Water is precious. In Ventura, we get our water from all local sources. Let’s keep it that way. The water we save this year may be the insurance against some future drought!
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Every summer, outdoor water use rises with the warmer temperatures. This summer, Ventura Water is partnering with the US Environmental Protection Agency (EPA) WaterSense program in an effort to provide more water efficiency tools and resources to our customers.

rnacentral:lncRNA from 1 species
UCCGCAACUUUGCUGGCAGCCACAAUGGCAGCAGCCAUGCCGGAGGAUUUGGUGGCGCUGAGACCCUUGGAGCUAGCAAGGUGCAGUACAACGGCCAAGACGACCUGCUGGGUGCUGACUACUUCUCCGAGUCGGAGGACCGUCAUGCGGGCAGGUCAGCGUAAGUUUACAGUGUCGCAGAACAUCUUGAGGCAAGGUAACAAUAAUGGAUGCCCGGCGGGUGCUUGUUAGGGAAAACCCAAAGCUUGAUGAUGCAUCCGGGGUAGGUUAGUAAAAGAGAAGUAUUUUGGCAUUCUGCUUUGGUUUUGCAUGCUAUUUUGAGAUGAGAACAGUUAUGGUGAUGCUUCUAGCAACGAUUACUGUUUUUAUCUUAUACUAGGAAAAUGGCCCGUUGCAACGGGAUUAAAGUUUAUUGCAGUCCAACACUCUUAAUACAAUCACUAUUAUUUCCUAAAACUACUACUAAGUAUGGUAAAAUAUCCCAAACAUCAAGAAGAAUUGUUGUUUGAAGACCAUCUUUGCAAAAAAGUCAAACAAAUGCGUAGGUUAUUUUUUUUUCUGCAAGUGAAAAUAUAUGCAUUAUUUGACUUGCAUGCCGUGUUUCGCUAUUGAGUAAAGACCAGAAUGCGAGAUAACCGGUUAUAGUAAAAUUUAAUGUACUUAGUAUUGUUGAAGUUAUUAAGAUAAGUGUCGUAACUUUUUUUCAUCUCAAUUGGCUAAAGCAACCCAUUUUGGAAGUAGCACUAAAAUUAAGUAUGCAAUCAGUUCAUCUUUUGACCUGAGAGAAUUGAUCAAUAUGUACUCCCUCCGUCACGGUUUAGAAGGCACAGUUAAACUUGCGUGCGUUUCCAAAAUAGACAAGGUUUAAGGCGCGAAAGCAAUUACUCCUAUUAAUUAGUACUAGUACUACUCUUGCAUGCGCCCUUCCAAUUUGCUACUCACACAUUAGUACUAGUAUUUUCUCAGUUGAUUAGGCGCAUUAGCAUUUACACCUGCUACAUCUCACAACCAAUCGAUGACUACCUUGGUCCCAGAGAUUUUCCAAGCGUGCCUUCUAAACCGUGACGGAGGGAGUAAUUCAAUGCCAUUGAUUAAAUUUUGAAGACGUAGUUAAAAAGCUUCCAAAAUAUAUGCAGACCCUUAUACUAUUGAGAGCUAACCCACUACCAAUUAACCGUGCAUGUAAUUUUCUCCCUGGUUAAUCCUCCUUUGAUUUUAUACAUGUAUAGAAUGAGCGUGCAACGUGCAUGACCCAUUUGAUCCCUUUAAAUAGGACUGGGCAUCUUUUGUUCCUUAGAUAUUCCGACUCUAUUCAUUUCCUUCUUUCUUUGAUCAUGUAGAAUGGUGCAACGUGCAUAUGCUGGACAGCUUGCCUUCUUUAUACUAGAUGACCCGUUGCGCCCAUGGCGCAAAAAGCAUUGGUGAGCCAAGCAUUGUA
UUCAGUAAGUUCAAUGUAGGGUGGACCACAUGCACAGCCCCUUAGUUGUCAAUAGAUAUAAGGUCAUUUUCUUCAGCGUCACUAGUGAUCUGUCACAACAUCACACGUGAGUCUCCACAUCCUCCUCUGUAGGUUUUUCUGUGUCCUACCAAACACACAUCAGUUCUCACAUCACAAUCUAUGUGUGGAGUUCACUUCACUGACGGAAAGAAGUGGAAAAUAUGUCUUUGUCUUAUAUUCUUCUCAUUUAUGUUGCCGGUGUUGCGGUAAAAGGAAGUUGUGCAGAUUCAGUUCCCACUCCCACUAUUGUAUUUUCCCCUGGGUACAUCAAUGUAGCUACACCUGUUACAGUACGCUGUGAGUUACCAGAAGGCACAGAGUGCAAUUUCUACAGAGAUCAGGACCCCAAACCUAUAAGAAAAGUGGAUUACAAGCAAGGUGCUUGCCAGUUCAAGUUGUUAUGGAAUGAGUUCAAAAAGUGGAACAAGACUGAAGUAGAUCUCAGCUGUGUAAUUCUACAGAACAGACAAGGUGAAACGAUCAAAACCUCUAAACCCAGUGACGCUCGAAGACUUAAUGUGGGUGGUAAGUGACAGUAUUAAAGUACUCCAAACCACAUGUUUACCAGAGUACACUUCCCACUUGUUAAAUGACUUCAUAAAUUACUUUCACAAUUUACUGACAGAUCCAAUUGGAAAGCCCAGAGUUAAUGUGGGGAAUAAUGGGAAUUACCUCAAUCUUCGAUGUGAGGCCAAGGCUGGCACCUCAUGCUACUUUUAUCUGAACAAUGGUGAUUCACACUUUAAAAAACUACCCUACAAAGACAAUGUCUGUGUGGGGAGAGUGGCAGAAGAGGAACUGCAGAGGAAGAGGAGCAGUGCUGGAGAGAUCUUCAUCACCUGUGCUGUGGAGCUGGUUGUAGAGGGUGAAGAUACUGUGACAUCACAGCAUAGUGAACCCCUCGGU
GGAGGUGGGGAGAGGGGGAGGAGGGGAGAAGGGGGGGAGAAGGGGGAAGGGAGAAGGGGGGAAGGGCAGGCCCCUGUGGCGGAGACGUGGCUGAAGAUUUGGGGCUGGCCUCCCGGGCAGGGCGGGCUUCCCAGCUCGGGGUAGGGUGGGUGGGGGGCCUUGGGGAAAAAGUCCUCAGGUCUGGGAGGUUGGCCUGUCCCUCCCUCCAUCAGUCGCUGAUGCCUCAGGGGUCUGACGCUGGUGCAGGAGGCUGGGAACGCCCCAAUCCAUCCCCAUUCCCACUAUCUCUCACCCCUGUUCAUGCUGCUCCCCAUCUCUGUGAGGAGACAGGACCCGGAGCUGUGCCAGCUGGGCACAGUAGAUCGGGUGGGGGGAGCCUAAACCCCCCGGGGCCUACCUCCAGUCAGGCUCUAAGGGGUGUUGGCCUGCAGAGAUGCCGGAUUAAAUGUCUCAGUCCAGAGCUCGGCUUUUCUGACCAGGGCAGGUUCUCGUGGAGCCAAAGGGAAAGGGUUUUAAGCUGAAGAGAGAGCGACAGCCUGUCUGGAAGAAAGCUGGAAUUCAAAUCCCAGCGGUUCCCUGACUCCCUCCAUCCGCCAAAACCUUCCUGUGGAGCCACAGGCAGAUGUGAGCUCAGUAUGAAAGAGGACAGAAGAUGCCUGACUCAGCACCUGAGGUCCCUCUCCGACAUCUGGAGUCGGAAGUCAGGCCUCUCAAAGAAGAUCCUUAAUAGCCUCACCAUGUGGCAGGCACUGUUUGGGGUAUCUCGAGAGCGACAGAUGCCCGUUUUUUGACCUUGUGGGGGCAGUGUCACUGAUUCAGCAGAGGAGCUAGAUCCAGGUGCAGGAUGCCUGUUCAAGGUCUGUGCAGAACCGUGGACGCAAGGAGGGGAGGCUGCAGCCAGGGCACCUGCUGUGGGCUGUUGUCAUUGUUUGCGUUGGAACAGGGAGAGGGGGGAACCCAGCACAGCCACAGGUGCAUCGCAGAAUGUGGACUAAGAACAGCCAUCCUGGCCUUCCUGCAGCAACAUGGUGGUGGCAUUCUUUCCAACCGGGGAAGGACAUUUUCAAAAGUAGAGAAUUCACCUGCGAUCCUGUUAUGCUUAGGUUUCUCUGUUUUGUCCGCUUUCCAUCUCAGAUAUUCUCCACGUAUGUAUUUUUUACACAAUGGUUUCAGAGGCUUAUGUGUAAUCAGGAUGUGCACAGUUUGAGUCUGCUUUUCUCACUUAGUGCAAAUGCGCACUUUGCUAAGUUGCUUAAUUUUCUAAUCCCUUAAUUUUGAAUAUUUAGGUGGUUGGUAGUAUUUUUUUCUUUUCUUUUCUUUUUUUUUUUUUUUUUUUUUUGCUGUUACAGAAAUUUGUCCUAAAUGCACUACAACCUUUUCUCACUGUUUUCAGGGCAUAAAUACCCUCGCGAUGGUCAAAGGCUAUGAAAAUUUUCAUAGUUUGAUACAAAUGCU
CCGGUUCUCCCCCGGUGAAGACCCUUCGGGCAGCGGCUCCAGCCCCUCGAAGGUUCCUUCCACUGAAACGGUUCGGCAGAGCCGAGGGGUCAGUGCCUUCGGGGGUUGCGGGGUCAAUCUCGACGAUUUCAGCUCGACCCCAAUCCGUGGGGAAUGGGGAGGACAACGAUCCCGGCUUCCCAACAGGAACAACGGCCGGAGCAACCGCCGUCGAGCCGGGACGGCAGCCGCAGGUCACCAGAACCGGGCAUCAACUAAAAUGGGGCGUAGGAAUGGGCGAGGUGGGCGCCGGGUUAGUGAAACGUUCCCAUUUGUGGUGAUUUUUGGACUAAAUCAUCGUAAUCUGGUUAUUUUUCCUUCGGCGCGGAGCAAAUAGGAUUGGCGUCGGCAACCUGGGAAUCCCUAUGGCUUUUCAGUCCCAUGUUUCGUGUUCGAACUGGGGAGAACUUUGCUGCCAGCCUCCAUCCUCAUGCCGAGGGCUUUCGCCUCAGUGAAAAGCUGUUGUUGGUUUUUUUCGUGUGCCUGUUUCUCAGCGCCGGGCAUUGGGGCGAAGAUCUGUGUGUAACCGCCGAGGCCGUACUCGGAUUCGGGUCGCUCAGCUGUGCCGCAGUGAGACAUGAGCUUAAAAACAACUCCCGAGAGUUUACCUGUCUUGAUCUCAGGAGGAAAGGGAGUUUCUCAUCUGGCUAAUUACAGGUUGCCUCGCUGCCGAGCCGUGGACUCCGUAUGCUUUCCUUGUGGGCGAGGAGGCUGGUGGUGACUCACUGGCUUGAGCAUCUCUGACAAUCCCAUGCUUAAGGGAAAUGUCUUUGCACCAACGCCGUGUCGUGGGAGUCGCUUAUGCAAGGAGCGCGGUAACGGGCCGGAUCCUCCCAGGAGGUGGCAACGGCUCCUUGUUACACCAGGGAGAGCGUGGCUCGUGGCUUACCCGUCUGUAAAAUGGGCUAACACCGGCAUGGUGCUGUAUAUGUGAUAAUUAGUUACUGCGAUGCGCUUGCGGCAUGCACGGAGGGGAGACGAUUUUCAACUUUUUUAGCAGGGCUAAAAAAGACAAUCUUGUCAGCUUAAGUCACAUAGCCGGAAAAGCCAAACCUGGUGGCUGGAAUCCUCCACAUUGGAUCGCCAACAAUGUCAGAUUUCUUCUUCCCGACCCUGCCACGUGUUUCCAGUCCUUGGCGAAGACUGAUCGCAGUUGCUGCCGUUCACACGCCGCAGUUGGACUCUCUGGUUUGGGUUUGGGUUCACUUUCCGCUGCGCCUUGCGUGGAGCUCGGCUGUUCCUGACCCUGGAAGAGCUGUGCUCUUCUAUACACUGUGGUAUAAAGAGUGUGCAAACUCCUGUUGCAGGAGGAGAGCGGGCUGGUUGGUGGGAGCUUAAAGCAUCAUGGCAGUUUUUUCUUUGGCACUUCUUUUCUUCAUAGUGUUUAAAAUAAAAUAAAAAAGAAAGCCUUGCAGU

Water Conservation Specialist, Jill Sarick, has some watering tips and advice from WaterSense that will help ensure a healthy, beautiful landscape that uses less water, take less time to maintain and protect our watershed.
Take Control of Your Controllers
Jill typically finds that customers are simply unaware of how much water their irrigation systems use. Many assume the amount is not a big deal—that is, until they see their water bills. “When speaking with most people about water use, many complain about their teenagers’ long showers,” she notes. “Once you learn that some sprinkler nozzles can emit just as many gallons per minute as a showerhead, then running your sprinklers too long is like having an entire football team taking a shower on your lawn!”